‘Extraordinary’ Collins photographs unearthed

Two original photographs documenting Michael Collins’ final hours have been unearthed at a historical roadshow in Cork.

‘Extraordinary’ Collins photographs unearthed

One of the two snapshots depicts Collins in a touring car outside a hotel in Bandon taken just hours before his death.

The second captures the scene at Béal na mBláth on Aug 23, 1922, the day after the ambush, and shows what historians believe to be Collins’ shirt collar on the road.

No known photograph of the post-ambush site was believed to exist previously.

The photographs were taken by then 18-year-old Agnes Hurley, from Mallowgaton in Bandon.

Her remarkable collection spans 20 years from 1921, and includes hundreds of photographs. Part of the collection was lost but was rediscovered in an attic in Dublin last year.

Ms Hurley’s niece, Mim O’Donovan, from Bandon, brought the pictures to the Revolutionary Decade Roadshow in Clonakilty organised by the History Department at University College Cork on Saturday.

“Aggie went to Béal na mBláth to see what had happened because they’d heard gunshots the previous day. She was well informed of current affairs and if something was happening she would be there.

“She took hundreds of photographs over the years and she dated the back of every single one,” Ms O’Donovan said.

Designed to bring previously undocumented memorabilia from private ownership into the public domain, the roadshow event yielded unexpected results.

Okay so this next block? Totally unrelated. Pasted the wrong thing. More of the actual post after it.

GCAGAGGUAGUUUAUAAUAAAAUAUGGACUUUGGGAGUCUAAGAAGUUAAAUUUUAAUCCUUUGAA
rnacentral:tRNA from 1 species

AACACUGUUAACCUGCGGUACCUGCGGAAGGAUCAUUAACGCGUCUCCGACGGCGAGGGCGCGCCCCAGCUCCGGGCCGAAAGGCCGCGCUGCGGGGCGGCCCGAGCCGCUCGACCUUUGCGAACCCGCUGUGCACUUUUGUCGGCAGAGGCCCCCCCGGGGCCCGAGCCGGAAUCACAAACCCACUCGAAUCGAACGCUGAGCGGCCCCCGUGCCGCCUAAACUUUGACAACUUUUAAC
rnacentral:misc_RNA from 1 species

Modern history lecturer at UCC, Gabriel Doherty, said he is unaware of any other such photograph.

“I haven’t come across any photograph of the Béal na mBláth ambush site the following day, let alone one that shows an artifact from Collins left there,” he said.

Cork city and county archivist Brian Magee described the find as “extraordinary”.

“The attached story tells of blood on the ground, though it’s difficult to tell because its black and white. The fact that it survived is remarkable,” he said.

The photos will be scanned and archived to form part of the public record of a crucial period in Irish history.

Almost 200 people turned up with items of interest from the period 1912-1923 and family members connecting stories were recorded.

The roadshow aims to gather raw material to offer greater insight into the period ahead of a series of commemorative events beginning next year to mark the centenary of the 1913 Lockout.

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